But building an F-35 is harder than simulating an F-35, and building an LDPC code-ready device will will also be extremely challenging. “Two main things could stop these things from actually taking over,” Gottesman said.

First, creating nonlocal connections between qubits is tough, especially for companies like IBM that make qubits out of immobile superconducting circuits. Connecting those circuits with their neighbors is natural, but creating links between distant qubits is not.

Second, LDPC codes excel when their protected qubits are used for memory, as they were in the IBM simulation. But when it comes to using those nebulous, overlapping qubits for calculations, the tangled, nonlocal code structure makes it much harder to select and steer the desired qubits.

“We know it’s possible in principle to do these computations,” said Gottesman, who sketched out a scheme for doing so in his 2013 work. “But we don’t know if it’s possible to do it in a really practical way.”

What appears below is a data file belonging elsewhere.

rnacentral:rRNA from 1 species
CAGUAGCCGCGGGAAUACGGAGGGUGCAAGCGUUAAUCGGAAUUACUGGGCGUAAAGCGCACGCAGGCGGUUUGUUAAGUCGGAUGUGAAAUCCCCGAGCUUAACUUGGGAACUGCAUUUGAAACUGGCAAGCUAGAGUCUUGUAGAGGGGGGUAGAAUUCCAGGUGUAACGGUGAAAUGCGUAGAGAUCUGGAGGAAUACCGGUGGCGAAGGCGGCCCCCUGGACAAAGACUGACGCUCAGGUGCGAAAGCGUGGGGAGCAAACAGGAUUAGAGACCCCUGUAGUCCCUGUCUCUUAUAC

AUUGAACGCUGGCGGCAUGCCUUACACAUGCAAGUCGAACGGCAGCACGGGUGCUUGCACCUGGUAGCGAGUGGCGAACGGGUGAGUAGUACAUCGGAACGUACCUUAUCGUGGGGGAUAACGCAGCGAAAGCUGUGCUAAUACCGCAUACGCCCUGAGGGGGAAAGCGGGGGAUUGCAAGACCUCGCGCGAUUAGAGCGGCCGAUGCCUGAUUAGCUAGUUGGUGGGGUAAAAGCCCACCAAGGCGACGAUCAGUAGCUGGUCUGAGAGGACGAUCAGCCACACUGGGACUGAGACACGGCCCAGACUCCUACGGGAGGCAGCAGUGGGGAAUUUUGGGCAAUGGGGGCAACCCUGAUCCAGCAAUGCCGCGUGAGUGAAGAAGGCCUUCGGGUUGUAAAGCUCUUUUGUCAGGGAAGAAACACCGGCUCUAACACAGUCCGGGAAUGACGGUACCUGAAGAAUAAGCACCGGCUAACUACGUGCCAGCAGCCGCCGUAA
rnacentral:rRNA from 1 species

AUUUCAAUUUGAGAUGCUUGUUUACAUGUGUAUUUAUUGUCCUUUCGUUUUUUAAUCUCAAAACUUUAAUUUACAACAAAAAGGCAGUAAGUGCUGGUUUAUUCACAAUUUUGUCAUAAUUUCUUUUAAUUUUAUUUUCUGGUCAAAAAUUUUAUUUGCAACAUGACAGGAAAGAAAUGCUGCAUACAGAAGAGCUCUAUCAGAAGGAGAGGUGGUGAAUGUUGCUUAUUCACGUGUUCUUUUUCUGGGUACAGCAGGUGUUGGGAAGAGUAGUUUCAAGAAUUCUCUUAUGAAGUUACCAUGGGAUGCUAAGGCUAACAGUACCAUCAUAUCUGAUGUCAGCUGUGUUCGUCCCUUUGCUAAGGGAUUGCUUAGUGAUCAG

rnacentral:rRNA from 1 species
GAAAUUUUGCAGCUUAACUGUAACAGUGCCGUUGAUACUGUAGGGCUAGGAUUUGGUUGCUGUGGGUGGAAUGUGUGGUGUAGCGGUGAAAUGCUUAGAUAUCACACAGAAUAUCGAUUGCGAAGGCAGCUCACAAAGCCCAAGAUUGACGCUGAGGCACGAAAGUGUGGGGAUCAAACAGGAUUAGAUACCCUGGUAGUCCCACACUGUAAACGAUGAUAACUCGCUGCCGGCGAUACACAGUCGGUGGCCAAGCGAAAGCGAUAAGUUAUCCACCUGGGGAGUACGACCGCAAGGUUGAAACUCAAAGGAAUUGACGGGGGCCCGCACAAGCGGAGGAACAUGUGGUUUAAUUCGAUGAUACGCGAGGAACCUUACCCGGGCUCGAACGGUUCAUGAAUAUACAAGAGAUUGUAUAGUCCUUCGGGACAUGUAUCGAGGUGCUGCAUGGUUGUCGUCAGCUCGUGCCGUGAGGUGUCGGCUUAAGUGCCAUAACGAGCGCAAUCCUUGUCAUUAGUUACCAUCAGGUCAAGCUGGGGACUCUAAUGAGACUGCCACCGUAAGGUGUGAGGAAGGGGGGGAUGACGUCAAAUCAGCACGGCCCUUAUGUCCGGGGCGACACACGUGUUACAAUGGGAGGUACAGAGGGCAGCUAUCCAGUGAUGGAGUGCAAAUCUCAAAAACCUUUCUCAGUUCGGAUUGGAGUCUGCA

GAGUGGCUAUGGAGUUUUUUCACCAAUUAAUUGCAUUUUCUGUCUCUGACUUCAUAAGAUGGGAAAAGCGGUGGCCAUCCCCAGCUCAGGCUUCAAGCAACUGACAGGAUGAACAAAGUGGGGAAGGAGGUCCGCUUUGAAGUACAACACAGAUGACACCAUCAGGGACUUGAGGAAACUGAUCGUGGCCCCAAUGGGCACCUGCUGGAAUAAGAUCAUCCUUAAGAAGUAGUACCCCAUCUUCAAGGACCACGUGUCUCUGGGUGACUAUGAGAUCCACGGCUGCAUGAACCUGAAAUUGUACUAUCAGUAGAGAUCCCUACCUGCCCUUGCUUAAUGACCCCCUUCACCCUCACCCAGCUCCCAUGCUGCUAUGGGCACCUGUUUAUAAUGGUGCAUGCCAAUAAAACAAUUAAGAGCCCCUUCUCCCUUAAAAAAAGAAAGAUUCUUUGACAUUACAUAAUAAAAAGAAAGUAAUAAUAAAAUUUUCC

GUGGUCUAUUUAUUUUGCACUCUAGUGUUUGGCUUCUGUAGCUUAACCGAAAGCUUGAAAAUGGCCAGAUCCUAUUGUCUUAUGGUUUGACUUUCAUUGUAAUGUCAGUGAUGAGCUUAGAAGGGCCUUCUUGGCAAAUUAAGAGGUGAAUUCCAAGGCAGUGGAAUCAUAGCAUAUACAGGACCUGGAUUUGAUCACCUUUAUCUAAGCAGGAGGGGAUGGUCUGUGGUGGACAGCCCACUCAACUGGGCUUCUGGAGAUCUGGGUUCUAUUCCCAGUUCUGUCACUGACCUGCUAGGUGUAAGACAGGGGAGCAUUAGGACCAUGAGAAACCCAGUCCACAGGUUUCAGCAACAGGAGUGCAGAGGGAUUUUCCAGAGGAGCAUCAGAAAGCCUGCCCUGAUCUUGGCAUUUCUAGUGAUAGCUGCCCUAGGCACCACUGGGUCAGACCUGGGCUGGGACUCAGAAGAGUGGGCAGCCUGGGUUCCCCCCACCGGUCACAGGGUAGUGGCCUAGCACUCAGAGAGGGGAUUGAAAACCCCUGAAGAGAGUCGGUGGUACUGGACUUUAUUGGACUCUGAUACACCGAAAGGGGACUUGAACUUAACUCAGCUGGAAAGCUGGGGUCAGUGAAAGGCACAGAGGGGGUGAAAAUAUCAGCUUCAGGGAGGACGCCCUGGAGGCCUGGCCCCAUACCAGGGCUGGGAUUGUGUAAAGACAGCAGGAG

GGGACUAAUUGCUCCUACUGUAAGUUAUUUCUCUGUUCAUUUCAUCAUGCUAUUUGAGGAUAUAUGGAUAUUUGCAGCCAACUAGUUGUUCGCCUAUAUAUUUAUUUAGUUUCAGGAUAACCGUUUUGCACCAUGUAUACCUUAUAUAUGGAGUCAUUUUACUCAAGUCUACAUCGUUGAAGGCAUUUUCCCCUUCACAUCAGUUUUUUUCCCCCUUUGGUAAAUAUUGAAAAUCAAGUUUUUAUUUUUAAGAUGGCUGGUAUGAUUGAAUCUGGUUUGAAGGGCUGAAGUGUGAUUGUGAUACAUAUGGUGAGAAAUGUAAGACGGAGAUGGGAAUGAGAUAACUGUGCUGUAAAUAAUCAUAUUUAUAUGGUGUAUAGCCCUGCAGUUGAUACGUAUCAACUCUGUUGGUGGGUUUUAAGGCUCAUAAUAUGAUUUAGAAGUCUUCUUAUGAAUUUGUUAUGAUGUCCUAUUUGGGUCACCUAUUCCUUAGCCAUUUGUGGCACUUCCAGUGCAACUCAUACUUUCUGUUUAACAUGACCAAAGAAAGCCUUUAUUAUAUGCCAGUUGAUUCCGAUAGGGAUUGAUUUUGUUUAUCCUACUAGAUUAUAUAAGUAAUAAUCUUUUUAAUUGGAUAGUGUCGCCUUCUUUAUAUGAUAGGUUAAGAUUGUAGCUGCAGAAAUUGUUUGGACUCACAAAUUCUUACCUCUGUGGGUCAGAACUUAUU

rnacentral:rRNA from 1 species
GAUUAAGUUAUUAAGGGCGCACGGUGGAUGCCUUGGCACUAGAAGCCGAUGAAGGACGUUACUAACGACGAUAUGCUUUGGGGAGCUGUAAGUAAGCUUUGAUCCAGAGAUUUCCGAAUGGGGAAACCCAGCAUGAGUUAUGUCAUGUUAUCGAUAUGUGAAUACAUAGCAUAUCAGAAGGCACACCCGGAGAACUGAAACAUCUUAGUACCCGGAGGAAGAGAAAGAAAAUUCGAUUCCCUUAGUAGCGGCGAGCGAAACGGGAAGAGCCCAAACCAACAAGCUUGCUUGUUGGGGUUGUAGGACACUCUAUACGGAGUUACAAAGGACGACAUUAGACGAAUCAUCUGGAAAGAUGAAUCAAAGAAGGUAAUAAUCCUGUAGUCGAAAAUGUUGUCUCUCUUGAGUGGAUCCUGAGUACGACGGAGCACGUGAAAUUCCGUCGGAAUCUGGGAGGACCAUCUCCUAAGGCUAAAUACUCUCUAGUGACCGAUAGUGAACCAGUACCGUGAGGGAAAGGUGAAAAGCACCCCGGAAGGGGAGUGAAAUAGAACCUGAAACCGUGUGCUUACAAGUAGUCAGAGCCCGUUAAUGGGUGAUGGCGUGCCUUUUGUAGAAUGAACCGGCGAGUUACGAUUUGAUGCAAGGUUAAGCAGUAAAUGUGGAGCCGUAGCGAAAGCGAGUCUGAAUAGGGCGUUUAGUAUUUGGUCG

Lukin and colleagues made modest steps toward addressing these primary weaknesses. For one thing, the team simulated end-to-end computation by melding an LDPC-protected quantum memory with a surface code-protected quantum processor. In that scheme, the qubit savings largely survived the calculation burden, but at the cost of computation taking longer to run.

Furthermore, Lukin’s team tailored their simulations to a type of free-roaming qubits that are a natural fit for arranging long-range connections. Unlike the stationary superconducting circuits, their qubits are atoms held by laser beams. By moving the lasers, they can bring distant qubits into contact. “This is awesome for LDPC codes,” Breuckmann said.

When — or even if — LDPC codes will become practical remains uncertain. Demonstrations of tens of reliable memory qubits are likely at least a few years away in even the rosiest of forecasts, and calculations remain further off. But the recent simulations make the surface code seem increasingly like a steppingstone on the path to quantum computation, rather than the destination.

“There’s a reason the surface code has been around for 20 years,” Breuckmann said. “It’s hard to beat, but now we have evidence that we can actually beat it.””